Hughes discarded both plans in their entirety, instituting his own and exerting a great personal control in every aspect.  Instead of organizing locally, Militia units would form up and train at the very start at Valcartier, a camp which had yet to be built.  All required equipment would be procured and issued there.  This took away from the gradual and measured nature of the prior designs and injected a larger sense of urgency.  Part of this was due to the notion that a large European war couldn’t last long.  It was believed either a decisive victory in the opening campaign or a lack of financial backing for a protracted conflict would see an early end.  Hughes wanted Canada to get active in it before it was all over.  The other nature of his deployment strategy, and his insistence on tight control was more personally political.  Building Valcartier and tenders for equipment and supplies were contracted to firms with business ties to the minister.  Eschewing the logical notion of formation commanders appointing the officers to serve beneath them, Hughes took this ability out of their hands, commissioning party friends to levels of command for which some were unqualified; even going so far as to appoint officers at platoon or company level, often on a whim.  He deconstructed regionally established regiments by forming mixed battalions from their component companies.[iv]  Only battalions that could organize quickly would remain intact.  This act took away from previous regimental solidarity, a matter of deep pride in the Canadian military system, but it brought together Canadians from different parts of the country.

A lack of initial preparedness and the move towards Hughes’ design in place of established plans was a recipe for disaster.  It is then remarkable in the face of this that the first troops began to arrive at Valcartier on the 19th of August, and by the 3d of October the First Contingent (later organized into 1st Canadian Division) of 30 000 men were aboard 31 ships about to sail to England.  The over abundance of troops at Valcartier and Hughes’ personal control over which would be sent in the First Contingent meant he could withhold selection information hopefully to inspire high performance.  The whole show hadn’t gone off without a hitch, though.  Problems with equipment- in supply and quality, confusing policies enacted on the fly and changed without warning requiring orders and contradicting counter-orders all lumped in with Hughes’ micromanagement were constant threats to a quick deployment.  Nevertheless, Hughes’ bombast and bullying and the dogged perseverance of those under his control at Valcartier achieved what some had thought impossible.  Learning to operate in a state of perpetual chaos from a very early point would serve the Canadians well when they would finally get to the front.

In any event, thoroughness was sacrificed in the name of expediency.  When the First Contingent arrived in England it was deemed so woefully undertrained six months would pass before it would deploy to the front.  Those six months were to be spent on Salisbury plain, during a miserable, wet winter, under the thumb of hardened British regulars as training cadre.  Hughes and the Governor General’s shared desire to get their force into action quickly had necessitated that certain elements of military indoctrination, particularly relating to conduct, propriety and discipline had been glossed over.  Officers and NCO’s new to their position would have difficulty enforcing discipline especially as it hadn’t been thoroughly instilled from the get-go.  Add to this young men away from home for the first time, with money in their pockets, unused to strong drink and a reputation for insubordinate, drunken loutishness began to take hold.  They were derided by locals and held in contempt by the British assigned to train them.  As so often happens in cases like this, there was created a solidarity which bonded the men together.  Justified or not, the view of the Canadians as uncouth, rustic colonials gave the men of the 1st Division a distinction they could delight in.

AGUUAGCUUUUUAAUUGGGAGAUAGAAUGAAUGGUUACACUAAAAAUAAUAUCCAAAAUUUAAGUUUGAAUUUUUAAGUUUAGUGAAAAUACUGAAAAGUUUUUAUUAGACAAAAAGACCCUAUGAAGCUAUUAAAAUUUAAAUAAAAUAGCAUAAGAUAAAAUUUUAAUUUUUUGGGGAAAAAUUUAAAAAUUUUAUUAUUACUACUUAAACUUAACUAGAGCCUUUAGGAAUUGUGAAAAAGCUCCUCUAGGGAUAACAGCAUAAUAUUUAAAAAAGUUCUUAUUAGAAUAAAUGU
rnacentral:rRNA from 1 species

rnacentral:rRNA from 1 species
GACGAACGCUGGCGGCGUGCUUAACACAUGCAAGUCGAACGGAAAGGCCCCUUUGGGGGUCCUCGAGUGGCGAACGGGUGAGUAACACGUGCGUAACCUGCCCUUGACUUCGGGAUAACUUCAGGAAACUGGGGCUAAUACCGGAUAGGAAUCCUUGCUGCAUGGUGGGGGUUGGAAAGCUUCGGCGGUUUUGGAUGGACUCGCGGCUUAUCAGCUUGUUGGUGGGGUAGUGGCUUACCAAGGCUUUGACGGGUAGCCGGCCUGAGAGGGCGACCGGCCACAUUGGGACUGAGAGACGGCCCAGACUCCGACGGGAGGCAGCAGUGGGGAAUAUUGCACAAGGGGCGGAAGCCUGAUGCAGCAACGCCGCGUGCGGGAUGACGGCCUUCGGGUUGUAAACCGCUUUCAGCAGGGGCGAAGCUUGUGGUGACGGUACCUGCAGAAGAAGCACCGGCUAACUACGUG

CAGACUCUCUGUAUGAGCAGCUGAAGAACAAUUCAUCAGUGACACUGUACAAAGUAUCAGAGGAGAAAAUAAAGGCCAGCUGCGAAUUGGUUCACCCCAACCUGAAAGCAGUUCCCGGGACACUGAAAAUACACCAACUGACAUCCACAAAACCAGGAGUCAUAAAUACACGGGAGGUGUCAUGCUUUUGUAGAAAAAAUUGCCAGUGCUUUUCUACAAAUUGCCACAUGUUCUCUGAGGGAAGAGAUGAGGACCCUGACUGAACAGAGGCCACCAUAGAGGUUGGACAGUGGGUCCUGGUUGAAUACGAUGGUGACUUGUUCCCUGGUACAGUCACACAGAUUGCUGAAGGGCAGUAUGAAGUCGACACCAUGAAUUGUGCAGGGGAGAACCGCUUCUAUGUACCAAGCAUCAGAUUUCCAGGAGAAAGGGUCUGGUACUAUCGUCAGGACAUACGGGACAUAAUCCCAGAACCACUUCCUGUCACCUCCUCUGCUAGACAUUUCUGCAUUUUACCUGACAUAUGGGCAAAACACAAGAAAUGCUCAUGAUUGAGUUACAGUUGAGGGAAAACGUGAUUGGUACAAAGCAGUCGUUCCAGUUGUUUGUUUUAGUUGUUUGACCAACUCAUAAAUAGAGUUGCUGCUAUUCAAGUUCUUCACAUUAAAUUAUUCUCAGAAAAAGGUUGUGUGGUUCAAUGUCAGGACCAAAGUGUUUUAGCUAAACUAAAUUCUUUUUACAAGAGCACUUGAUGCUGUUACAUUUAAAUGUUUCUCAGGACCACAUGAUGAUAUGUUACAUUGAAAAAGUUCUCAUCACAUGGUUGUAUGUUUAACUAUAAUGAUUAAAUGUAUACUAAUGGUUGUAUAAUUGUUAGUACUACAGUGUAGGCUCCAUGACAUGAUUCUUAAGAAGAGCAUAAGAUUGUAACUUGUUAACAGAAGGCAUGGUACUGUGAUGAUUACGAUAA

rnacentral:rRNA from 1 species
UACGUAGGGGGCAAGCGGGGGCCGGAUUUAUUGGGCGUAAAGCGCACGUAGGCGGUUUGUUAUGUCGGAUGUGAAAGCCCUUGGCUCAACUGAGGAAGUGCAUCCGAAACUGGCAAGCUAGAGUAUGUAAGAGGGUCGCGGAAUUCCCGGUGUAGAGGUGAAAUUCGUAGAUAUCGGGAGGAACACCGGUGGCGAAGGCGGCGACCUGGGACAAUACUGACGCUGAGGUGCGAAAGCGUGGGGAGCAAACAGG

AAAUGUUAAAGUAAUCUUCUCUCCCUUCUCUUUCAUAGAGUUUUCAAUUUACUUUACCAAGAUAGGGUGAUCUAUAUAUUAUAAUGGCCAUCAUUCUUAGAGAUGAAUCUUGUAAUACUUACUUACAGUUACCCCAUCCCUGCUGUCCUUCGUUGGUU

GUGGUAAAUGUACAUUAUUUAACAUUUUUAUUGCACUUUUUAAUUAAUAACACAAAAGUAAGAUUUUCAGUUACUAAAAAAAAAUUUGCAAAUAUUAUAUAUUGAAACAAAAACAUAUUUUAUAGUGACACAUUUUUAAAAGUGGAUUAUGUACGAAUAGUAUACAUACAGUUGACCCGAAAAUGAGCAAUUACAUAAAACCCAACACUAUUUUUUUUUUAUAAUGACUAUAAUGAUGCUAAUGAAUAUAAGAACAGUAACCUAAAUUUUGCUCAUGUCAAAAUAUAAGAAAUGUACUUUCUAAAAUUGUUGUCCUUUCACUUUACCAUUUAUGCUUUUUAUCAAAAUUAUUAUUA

Losses at the front had created a demand for immediate reinforcement.  The Imperial General Staff wanted to send battalion or even company-sized drafts from the Division and integrate them into British units at the front as soon as they demonstrated proficiency.  While this would have provided for the acute demand, it would have destroyed the integrity which was being built.  For all his exasperating meddlesomeness, Hughes once again did something that would speak to his merit.  He insisted that “his boys” would go into battle all together, or not at all.  It speaks to his perseverance and to the growth of our national identity that he got his wish.  The men from Canada would then be together through the same experiences and hardships, and from this, their solidarity would grow.

Already the men of the Canadian Expeditionary Force had begun to form a notion of themselves as distinct from their British roots.  It would be their trial by fire and three more years of war that would further evolve and solidify their new sense of identity.

[i] Zuehlke, Mark “Brave Battalion”: The Remarkable Saga of the 16th Battalion in the First World War, John Wiley & Sons, 2008 Pg 4
[ii] Desmond Morton & JL Granatstein “Marching to Armageddon”: Canadians and the Great War 1914-1919, Lester & Orpen Dennys, 1989, pg 8
[iii] John Marteinson “We Stand on Guard”: An Illustrated History of the Canadian Army, Ovale Publications, 1992 pg 96
[iv] Zuehlke, ibid. pg 8